Israel’s United Hatzalah emergency medical team has 50 new ambucycles in its fleet thanks to an eccentric Jewish billionaire from New York.

Stewart Rahr, a pharmaceutical kingpin and Manhattan tabloid favorite, was on hand in Jerusalem on Tuesday to cut a personal check in Jerusalem for the purchase of a slew of new life-saving motorcycles, while goading United Hatzalah supporters at a ceremony in his honor to do the same. The result? Enough funds raised for the purchase of 50 new ambucycles, which in total cost more than $1.3 million.

Ambucycles, two-wheeled vehicles carrying a range of medical equipment, are used as first responders in emergency situations. United Hatzalah currently has some 250 of the vehicles.

Rahr, whom The New York Post cheekily refers to as “Stewie Rah Rah,” was invited to Jerusalem for a ceremony to mark his donation, which he originally pledged to cover the cost of four bikes. On stage at the Aish HaTorah building overlooking Jerusalem’s Old City, he lived up to his flamboyant reputation, suddenly throwing an additional 20 cycles into his pledge and then announcing he would match the donations of anyone else in the crowd. The crowd responded with pledges for 13 more, which brought Rahr’s contribution to 37.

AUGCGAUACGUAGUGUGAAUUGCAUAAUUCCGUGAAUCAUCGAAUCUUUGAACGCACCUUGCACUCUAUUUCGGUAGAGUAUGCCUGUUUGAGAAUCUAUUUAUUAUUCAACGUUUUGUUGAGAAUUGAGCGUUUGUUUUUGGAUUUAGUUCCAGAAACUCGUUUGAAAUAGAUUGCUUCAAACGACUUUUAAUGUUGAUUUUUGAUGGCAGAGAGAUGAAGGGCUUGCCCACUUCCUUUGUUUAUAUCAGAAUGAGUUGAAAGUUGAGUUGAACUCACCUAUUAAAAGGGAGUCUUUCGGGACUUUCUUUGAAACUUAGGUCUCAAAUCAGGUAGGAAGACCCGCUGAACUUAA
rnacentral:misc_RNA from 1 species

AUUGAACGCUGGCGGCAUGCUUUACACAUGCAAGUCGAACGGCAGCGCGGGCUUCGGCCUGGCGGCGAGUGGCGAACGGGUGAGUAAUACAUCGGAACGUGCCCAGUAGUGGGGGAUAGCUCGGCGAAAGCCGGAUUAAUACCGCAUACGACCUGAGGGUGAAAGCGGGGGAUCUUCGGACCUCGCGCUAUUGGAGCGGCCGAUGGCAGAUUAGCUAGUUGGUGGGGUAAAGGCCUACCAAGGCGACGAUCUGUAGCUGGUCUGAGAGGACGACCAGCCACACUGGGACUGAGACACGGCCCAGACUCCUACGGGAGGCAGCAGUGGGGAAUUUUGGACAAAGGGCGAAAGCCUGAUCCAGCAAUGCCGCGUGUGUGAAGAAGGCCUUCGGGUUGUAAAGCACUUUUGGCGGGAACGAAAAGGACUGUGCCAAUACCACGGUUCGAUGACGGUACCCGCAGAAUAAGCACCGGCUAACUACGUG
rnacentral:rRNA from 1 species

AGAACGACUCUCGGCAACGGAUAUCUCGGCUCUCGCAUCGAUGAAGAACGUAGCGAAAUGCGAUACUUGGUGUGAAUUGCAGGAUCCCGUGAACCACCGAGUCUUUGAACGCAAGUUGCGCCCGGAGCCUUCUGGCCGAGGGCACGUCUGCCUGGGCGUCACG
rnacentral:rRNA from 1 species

Rahr, who sold his self-made pharmaceutical company Kinray Inc. in 2010 to the tune of $1.3 billion, is well known on the philanthropic circuit. Last year he broke records by writing a check for $10 million to the Make-A-Wish foundation, and has also given million-dollar gifts to the Prostate Cancer Foundation, Alicia Keys’s Keep a Child Alive fund and Bono’s African AIDS Relief organization.

The tabloid rumor mill contends that Rahr’s bitter divorce with his ex-wife Carole is partly motivating his generosity, with the perpetually tan Rahr hoping to give away much of his fortune rather than split it. Their 43-year marriage, which began without a prenuptial agreement, broke down in December and the pair recently settled for an eye-popping $250 million.

For United Hatzalah president and founder Eli Beer, however, what mattered was the boost in the organization’s ability to provide emergency care. Noting that the ceremony came one day after International Holocaust Remembrance Day and that Rahr had also paid a visit to Auschwitz before coming to Jerusalem, Beer said, “At United Hatzalah here today, we are doing the exact opposite of the Nazis — fighting for human lives.”